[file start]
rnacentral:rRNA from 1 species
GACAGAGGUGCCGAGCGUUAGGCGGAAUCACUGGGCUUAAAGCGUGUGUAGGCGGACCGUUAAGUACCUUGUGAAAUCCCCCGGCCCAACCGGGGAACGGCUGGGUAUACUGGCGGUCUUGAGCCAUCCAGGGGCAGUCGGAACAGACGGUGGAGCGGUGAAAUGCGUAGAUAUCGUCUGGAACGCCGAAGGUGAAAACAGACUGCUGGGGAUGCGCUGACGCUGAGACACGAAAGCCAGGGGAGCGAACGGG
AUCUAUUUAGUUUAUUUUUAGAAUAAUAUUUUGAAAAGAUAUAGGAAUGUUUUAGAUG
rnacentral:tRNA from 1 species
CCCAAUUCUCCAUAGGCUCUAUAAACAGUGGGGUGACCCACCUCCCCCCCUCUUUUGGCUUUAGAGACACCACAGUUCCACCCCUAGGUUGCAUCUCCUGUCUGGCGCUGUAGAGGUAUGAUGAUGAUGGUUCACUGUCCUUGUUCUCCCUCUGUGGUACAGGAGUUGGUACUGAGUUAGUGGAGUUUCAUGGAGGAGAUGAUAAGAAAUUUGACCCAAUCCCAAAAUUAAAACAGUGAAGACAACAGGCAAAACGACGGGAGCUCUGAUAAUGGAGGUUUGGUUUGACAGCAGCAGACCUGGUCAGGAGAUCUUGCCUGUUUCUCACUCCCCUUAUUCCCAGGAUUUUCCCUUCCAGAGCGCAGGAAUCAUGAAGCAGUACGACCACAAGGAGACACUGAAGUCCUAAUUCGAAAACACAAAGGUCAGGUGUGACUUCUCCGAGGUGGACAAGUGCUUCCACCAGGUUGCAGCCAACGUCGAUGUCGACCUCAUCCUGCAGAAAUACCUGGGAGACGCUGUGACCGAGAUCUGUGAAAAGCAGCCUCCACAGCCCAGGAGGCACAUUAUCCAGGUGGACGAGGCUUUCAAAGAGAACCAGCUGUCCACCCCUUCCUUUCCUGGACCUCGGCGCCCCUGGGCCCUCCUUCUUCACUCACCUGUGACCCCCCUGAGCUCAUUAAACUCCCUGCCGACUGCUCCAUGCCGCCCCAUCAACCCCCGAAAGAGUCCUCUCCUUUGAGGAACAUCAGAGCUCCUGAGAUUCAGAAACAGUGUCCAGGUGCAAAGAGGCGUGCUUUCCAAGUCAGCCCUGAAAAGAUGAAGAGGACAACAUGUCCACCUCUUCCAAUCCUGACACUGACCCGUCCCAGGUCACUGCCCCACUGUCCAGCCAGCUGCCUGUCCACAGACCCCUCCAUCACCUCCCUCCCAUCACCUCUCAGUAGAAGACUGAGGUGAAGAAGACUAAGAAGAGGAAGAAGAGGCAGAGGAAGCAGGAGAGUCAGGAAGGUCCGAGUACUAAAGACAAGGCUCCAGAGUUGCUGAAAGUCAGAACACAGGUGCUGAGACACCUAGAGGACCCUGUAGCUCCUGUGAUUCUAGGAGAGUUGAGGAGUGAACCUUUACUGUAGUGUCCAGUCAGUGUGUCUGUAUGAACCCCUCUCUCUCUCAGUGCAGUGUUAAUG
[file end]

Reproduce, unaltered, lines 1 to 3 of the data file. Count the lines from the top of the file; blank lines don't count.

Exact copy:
rnacentral:rRNA from 1 species
GACAGAGGUGCCGAGCGUUAGGCGGAAUCACUGGGCUUAAAGCGUGUGUAGGCGGACCGUUAAGUACCUUGUGAAAUCCCCCGGCCCAACCGGGGAACGGCUGGGUAUACUGGCGGUCUUGAGCCAUCCAGGGGCAGUCGGAACAGACGGUGGAGCGGUGAAAUGCGUAGAUAUCGUCUGGAACGCCGAAGGUGAAAACAGACUGCUGGGGAUGCGCUGACGCUGAGACACGAAAGCCAGGGGAGCGAACGGG
AUCUAUUUAGUUUAUUUUUAGAAUAAUAUUUUGAAAAGAUAUAGGAAUGUUUUAGAUG